Brave Conversations

This month I wrote the scariest message I’ve ever sent to anyone.  Really.  Ever.

“I don't know what to do with this.  It's a lot to feel.  And it is haunting me.  I've held back from saying anything for weeks, maybe it's been months now.  Maybe if I'm honest...years.  But I didn't know.  I didn't understand the underlying anger, feelings, edginess that's been there. I've tried every forgiveness practice I have on hand.  I've tried every self-processing process I know of.  I tried them all in hopes of releasing this once and for all.  To move on.  And yet still it haunts me…”

It’s a work morning and I have other things waiting on my to do list, but this message feels like it cannot wait.  Sinking into the squishy softness of my favorite couch I feel an unexplainable, unspeakable, nonnegotiable force urging me to type despite my fears.  Like all of my spirit guides, protectors, ancestors, friends, loved ones, and my own deepest self, are holding their breath in anticipation for me to type the message that’s calling out from my bones.  I share that in my message: “As if the story is resting in my bones needing to be told…”  It feels like that.  It’s aching, it’s pregnant, it’s spilling out, and strangely it’s steady.  It’s angry, it’s hurt, and it’s also peaceful.  I'm ready to tell him everything.  Until this moment, I didn’t know I could hold so much in one space...with presence.  I feel both powerful and completely undone.  

Months before on a call with a potential client, she tells me the story about her deepest desire for a future where her favorite hobby becomes her career.  Excited to help her make that a reality, one of my closest friends pops into my mind.  He’s been slowly turning his side-gig into a paid gig.  It’s been pretty awesome to watch and I thought she might enjoy connecting with someone not a thousand steps in front of her, but maybe just 20.  Just as I’m about to offer to connect the two of them I feel something inside of me pull back.  As if someone has gently placed their hand on my shoulder in pause.  The call ends and I sit confused.  Why did I hesitate to offer and give out his name?  Why did it almost feel impossible to say what I thought I wanted to say?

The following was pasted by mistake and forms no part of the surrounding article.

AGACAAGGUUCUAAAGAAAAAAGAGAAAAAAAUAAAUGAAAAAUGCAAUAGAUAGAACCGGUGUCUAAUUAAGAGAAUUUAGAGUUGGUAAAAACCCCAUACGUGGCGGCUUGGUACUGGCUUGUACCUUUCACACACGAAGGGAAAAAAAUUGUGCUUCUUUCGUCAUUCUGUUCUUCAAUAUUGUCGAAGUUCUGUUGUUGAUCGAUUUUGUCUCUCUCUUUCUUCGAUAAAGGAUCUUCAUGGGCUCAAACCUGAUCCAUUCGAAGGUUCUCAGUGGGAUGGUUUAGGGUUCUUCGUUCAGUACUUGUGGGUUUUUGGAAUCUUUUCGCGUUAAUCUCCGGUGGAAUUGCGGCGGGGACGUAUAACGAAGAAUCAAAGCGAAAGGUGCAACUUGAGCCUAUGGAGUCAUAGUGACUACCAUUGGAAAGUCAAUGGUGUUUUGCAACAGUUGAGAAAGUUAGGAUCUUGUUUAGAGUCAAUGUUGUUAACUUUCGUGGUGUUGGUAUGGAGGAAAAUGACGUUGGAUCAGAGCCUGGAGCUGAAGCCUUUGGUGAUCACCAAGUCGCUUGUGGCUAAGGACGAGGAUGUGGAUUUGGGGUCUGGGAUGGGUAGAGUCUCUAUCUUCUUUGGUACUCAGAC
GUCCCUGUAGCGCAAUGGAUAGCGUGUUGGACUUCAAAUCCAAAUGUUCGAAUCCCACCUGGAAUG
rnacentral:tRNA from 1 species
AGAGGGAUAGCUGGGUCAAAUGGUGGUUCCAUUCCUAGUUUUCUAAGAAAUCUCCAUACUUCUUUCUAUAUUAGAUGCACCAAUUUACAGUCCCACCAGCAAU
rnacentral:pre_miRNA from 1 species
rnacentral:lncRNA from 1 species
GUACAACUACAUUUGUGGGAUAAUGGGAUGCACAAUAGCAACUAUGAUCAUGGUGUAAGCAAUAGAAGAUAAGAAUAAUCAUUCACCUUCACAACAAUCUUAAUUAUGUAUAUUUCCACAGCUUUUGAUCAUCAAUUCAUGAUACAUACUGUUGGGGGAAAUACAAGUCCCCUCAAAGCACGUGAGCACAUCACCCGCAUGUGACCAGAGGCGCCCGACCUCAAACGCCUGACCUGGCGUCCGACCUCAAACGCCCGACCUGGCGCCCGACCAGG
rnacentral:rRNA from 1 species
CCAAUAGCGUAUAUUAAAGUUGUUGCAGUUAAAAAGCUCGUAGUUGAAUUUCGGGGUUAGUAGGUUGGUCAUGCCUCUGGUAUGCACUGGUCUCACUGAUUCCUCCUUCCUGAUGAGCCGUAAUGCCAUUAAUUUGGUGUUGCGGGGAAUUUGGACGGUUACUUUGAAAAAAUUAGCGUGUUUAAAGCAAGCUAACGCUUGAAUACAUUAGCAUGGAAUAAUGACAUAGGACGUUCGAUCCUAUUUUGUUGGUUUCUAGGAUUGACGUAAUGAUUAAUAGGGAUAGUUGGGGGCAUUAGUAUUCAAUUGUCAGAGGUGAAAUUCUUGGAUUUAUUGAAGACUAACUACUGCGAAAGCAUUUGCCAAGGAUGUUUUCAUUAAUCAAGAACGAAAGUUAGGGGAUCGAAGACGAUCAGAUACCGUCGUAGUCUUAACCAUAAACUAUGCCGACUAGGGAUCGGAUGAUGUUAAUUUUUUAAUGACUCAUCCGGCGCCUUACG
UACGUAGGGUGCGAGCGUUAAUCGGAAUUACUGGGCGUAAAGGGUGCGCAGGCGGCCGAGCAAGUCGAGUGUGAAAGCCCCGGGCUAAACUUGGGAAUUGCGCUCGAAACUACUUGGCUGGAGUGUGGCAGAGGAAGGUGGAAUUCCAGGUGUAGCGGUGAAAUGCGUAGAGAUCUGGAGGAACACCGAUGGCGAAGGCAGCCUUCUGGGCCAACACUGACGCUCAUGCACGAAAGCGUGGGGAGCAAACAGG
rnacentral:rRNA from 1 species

I got quiet.  As I tuned in, I found a hole I had been ignoring.  Unhealed emotional wounds.  In the past, my friend and I walked the line, the question, of becoming more than friends.  Our boats always were arriving to shore at different times.  He wanted something more when I didn’t.  I wanted something more when he didn’t.  After both agreeing just friends was best, we took several months off to create a clean slate.  We stopped talking and texting.  We made a full transition to being just friends once and for all.  Despite our decision to be just friends, memories haunted me.  They felt unresolved, but I wasn’t sure why.  

I was scared to go all the way down the rabbit hole because my unsettled feeling had to do with questions around consent.  Moments where I felt pressured to become more than friends despite making up my mind and declaring that we were simply friends.  Moments where I witnessed him walk a fuzzy line with other women, not committing to relationships, but not just being friends.  While he and I had several conversations about this before and I used to get extremely angry about it, this had simmered down for a long time.  So why was this coming up now?

The truth was I didn’t want to connect my client to him because I feared he might create a blurry line again.  A blurry line with a woman who had been hurt many times in the past by men.  Who was looking to continue her own healing from messy romantic connections where she felt taken advantage of.  Where her desire for commitment wasn’t honored.  I didn’t want to be the source of this abuse cycle again.  Wait, was one of my closest friends abusive to women?  Subtle abuse?  What do I call what happened?  This made me pause and wonder if I should have a conversation with him and at the time I decided not to and left it at that. The story silently waiting in the crevices of my being.

Then the #metoo campaign happened.  If you have no idea what I'm talking about Google #metoo and you'll be up to speed.  Despite sitting with questions of sexual harassment and assault in the past, something was different about this conversation.  As I read stories and articles, I found words to sort through fuzzy feelings like sexual microaggressions:  "small acts of boundary-pushing and coercion that might be easy enough to brush off in isolation, but in aggregate teach women that their bodily autonomy is revocable, and that violations of their boundaries and sense of safety aren’t just tolerable, but utterly and completely normal."  There’s a really great article about this topic HERE.  My feeling was right...the feeling of being disrespected, manipulated even if unintentionally, dishonored was real, and I had words, context, to explain what previously felt unexplainable.  

“What I know is this, I know that you are a good person, as is everyone on planet earth.  I do believe that.  Our social conditioning, our parenting and family examples, the stories we buy into, the media we expose ourselves to, all embed in us.  Yet knowing that doesn't make it unpainful if that makes sense.  I know you never meant to hurt me, yet in your selfishness, your clouded sense of privilege as a man, you did hurt me.  I don't know where this takes us.”  I tell him everything.  What I feel, what I now know, what felt wrong.  As I type the message, I realize I’m steeped in both empathy and anger.  A desire to understand and be understood.  

I’m starting a brave conversation.